Staff members working behind the counter at coffee shop Caffe Isola, Isle of Wight

Interview: Dan from Island Roasted

To celebrate five years since we launched our Wight Taste cafes onboard our ships and at our ports, we caught up with Dan Burgess from Island Roasted in our new video.

“We started out in coffee over 20 years ago – just as our wholesale brand, the Isle of Wight Espresso company – primarily importing Italian espresso and Italian espresso machines, Then we got into roasting about 10 years ago and that’s when we bought our first roaster, a little 1 kilo, but nowadays we’ve got a 5 kilo just up here in our profiling roastery at Caffe Isola and then down at the main roastery we’ve got a 12 kilo and a 20 kilo. We’ve recently purchased 120 kilo roaster that we’re restoring to add to the fleet so we now produce around 40 tons of coffee a year.

Coffee roaster full of beans at Island Roasted

The blend used with Wightlink is our Mocha blend, which is one of our biggest sellers. It’s a very good coffee for broad appeal, it appeals to a lot of pallets. It’s good in milk, it comes through nicely in Americano, it’s just a good all-rounder. This particular coffee uses coffees from Brazil, El Salvador and India blended together in a nice medium profile just to give you a chocolatey, nutty, full-bodied coffee.

One of the tools we regularly use is cupping. It’s an industry standard procedure, so you can see in our film “production cupping”. Samples taken from every batch we’ve roasted the previous day, or on a Monday it’ll be the batches from Friday, and we’re just checking that they’re consistent. So if we detect an issue that batch can be re-tested and if there’s a definite problem we can pull that batch so it doesn’t get packed.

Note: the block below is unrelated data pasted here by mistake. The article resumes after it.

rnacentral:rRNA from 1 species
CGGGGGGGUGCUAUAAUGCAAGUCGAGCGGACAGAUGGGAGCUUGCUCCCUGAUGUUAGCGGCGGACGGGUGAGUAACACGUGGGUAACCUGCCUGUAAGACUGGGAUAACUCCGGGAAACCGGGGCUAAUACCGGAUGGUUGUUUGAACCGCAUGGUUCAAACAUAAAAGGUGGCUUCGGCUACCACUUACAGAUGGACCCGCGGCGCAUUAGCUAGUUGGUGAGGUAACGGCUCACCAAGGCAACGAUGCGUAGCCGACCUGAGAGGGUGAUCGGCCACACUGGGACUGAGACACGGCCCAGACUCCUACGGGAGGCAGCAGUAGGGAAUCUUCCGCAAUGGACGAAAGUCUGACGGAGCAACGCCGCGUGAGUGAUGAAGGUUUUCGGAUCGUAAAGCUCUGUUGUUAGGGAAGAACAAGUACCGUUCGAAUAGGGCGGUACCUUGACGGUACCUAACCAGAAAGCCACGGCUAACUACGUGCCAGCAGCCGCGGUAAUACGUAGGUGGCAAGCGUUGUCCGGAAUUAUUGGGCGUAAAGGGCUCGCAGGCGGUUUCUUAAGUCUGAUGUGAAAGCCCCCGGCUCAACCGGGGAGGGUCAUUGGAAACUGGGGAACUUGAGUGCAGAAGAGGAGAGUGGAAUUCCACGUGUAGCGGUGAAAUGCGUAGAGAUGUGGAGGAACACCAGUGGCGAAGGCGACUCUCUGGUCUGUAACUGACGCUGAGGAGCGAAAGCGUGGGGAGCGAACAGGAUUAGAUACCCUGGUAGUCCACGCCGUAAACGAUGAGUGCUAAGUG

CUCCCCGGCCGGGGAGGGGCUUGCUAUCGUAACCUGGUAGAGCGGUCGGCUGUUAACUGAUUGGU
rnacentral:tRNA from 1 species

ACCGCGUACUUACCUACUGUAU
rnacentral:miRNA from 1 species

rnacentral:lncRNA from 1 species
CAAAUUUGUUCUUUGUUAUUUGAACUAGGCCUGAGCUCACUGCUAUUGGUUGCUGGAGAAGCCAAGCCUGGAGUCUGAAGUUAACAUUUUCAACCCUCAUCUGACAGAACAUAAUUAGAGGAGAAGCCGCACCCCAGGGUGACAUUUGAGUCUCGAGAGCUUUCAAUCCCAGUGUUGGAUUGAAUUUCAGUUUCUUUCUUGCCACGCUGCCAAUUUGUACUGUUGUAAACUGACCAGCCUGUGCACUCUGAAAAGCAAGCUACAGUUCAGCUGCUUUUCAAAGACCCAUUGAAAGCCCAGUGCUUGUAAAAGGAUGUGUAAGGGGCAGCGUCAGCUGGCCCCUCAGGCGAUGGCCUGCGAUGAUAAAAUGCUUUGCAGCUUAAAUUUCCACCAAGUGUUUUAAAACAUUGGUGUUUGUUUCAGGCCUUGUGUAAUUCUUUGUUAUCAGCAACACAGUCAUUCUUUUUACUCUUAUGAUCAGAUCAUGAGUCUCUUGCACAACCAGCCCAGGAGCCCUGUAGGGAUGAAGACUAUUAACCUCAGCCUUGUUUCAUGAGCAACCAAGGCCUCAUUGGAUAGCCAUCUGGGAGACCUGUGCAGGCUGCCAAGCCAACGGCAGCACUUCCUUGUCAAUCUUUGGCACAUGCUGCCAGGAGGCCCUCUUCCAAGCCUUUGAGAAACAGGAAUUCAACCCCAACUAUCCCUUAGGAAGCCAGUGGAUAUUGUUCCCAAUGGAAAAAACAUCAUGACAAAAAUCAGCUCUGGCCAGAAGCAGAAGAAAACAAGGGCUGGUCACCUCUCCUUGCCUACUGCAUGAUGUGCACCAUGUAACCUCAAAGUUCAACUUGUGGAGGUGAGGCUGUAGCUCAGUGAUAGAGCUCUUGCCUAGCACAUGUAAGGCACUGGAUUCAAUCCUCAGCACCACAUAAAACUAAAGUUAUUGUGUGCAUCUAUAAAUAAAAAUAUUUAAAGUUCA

This same process is also used when we’re buying coffee, so we’ll get samples from various suppliers and we’ll use this type of method to test the coffee to decide if we’re going to buy it. Once we’ve made the decisions on the coffees we’re buying, we bring them up to the production roastery at Caffé Isola and play around with the profiles depending on what we’re going to use a particular coffee for. For example, if we’re trying to produce a new espresso, you know we’ll be looking for different things, different coffees that might work together to produce a balanced espresso. The sort of flavours we’re aiming for in comparison to a single origin, perhaps we’ve picked a nice Ethiopian that we want as a lightly roasted filter coffee, we’ll approach that differently than we would for espresso.

Coffee cupping process

We’re also passionate about sustainability, so our deliveries are made in a completely electric delivery van, but right through to also finding eco-friendly packaging and our reusable cup project. Any angles we can we’ll look at; we’ll look for the most sustainable way of doing it.

We were one of the first brands to come on board with Wight Taste and from our point of view one of the great things – aside from the fact that everyone gets to see our brand with all the footfall that goes through the ferries – is the ongoing working relationship. There’s a constant dialogue between us and the team using our products and training, those sorts of things, it’s just great to have that ongoing relationship.”

You can learn more about Wight Taste and the producers we work with on our blog.

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